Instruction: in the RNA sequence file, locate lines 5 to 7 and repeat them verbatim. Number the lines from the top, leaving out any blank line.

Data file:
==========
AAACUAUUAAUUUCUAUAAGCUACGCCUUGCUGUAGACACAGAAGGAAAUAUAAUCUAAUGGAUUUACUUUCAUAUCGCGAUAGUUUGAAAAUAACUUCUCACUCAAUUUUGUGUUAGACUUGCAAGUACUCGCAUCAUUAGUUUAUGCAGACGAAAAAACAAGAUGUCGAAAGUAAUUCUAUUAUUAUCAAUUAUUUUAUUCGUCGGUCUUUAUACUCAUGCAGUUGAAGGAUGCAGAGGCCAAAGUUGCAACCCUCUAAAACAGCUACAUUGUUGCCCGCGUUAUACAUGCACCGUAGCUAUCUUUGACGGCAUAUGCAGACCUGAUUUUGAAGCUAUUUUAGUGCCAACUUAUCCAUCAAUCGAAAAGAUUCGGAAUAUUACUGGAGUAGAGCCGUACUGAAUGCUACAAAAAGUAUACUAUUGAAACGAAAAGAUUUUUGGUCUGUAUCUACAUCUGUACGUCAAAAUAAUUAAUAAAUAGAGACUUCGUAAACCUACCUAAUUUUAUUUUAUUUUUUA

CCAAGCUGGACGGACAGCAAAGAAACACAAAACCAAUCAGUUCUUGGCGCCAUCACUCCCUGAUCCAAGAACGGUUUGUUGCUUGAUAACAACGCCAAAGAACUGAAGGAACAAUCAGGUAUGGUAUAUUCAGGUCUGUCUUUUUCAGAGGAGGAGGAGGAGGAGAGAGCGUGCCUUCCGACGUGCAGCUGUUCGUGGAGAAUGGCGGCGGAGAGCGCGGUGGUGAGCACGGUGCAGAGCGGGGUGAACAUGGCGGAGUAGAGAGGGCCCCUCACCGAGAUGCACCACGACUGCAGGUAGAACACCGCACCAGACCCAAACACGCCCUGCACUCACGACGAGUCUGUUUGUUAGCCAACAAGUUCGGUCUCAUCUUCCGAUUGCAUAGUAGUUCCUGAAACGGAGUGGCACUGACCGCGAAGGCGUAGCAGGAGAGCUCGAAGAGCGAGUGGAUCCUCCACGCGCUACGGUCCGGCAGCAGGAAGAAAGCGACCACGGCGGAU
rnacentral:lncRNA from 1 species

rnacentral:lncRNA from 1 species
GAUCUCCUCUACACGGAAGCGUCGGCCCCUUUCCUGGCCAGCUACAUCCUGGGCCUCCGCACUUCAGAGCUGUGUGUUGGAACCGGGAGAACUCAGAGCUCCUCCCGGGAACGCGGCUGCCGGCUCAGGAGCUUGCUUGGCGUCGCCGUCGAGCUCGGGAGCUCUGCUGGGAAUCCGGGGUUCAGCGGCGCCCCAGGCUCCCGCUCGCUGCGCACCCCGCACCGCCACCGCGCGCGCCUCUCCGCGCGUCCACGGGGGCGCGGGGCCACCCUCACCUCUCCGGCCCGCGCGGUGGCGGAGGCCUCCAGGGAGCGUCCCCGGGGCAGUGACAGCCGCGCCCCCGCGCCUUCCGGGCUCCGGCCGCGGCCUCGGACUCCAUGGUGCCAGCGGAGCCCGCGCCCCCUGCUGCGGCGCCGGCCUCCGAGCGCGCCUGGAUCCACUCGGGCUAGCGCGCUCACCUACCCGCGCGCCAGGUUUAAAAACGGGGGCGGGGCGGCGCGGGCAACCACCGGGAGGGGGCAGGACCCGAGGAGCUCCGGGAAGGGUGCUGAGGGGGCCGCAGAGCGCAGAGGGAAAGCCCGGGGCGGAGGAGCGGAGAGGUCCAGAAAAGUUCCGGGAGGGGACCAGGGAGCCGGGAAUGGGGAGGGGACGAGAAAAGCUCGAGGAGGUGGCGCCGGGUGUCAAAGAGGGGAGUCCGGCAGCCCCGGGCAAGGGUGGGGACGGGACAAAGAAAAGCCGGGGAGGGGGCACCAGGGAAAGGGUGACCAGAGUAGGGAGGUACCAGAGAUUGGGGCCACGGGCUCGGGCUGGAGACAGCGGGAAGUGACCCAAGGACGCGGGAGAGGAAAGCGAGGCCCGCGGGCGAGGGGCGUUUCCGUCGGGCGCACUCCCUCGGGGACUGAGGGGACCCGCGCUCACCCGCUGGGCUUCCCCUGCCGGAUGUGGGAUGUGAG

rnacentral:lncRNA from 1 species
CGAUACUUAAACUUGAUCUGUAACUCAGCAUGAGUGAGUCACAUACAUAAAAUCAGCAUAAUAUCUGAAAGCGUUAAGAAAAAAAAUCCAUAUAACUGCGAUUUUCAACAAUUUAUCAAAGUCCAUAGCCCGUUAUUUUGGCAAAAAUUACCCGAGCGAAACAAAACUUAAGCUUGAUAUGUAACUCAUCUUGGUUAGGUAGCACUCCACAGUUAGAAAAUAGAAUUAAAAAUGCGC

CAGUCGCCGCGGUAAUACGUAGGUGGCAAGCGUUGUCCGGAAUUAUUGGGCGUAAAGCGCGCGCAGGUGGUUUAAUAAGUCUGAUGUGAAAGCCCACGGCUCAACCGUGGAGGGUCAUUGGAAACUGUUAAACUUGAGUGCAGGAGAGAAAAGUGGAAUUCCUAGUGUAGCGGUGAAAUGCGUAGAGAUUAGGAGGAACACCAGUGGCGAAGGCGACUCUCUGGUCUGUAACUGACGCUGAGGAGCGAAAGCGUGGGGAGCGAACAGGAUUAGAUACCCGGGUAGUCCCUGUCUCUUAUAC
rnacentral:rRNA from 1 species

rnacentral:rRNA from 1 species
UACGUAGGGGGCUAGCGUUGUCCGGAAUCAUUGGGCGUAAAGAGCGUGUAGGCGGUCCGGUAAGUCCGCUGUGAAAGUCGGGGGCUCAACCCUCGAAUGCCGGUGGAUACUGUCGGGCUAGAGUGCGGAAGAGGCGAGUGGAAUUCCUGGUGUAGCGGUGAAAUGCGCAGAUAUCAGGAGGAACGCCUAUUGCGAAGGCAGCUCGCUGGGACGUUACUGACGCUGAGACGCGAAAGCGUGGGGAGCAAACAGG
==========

GAUCUCCUCUACACGGAAGCGUCGGCCCCUUUCCUGGCCAGCUACAUCCUGGGCCUCCGCACUUCAGAGCUGUGUGUUGGAACCGGGAGAACUCAGAGCUCCUCCCGGGAACGCGGCUGCCGGCUCAGGAGCUUGCUUGGCGUCGCCGUCGAGCUCGGGAGCUCUGCUGGGAAUCCGGGGUUCAGCGGCGCCCCAGGCUCCCGCUCGCUGCGCACCCCGCACCGCCACCGCGCGCGCCUCUCCGCGCGUCCACGGGGGCGCGGGGCCACCCUCACCUCUCCGGCCCGCGCGGUGGCGGAGGCCUCCAGGGAGCGUCCCCGGGGCAGUGACAGCCGCGCCCCCGCGCCUUCCGGGCUCCGGCCGCGGCCUCGGACUCCAUGGUGCCAGCGGAGCCCGCGCCCCCUGCUGCGGCGCCGGCCUCCGAGCGCGCCUGGAUCCACUCGGGCUAGCGCGCUCACCUACCCGCGCGCCAGGUUUAAAAACGGGGGCGGGGCGGCGCGGGCAACCACCGGGAGGGGGCAGGACCCGAGGAGCUCCGGGAAGGGUGCUGAGGGGGCCGCAGAGCGCAGAGGGAAAGCCCGGGGCGGAGGAGCGGAGAGGUCCAGAAAAGUUCCGGGAGGGGACCAGGGAGCCGGGAAUGGGGAGGGGACGAGAAAAGCUCGAGGAGGUGGCGCCGGGUGUCAAAGAGGGGAGUCCGGCAGCCCCGGGCAAGGGUGGGGACGGGACAAAGAAAAGCCGGGGAGGGGGCACCAGGGAAAGGGUGACCAGAGUAGGGAGGUACCAGAGAUUGGGGCCACGGGCUCGGGCUGGAGACAGCGGGAAGUGACCCAAGGACGCGGGAGAGGAAAGCGAGGCCCGCGGGCGAGGGGCGUUUCCGUCGGGCGCACUCCCUCGGGGACUGAGGGGACCCGCGCUCACCCGCUGGGCUUCCCCUGCCGGAUGUGGGAUGUGAG

rnacentral:lncRNA from 1 species
CGAUACUUAAACUUGAUCUGUAACUCAGCAUGAGUGAGUCACAUACAUAAAAUCAGCAUAAUAUCUGAAAGCGUUAAGAAAAAAAAUCCAUAUAACUGCGAUUUUCAACAAUUUAUCAAAGUCCAUAGCCCGUUAUUUUGGCAAAAAUUACCCGAGCGAAACAAAACUUAAGCUUGAUAUGUAACUCAUCUUGGUUAGGUAGCACUCCACAGUUAGAAAAUAGAAUUAAAAAUGCGC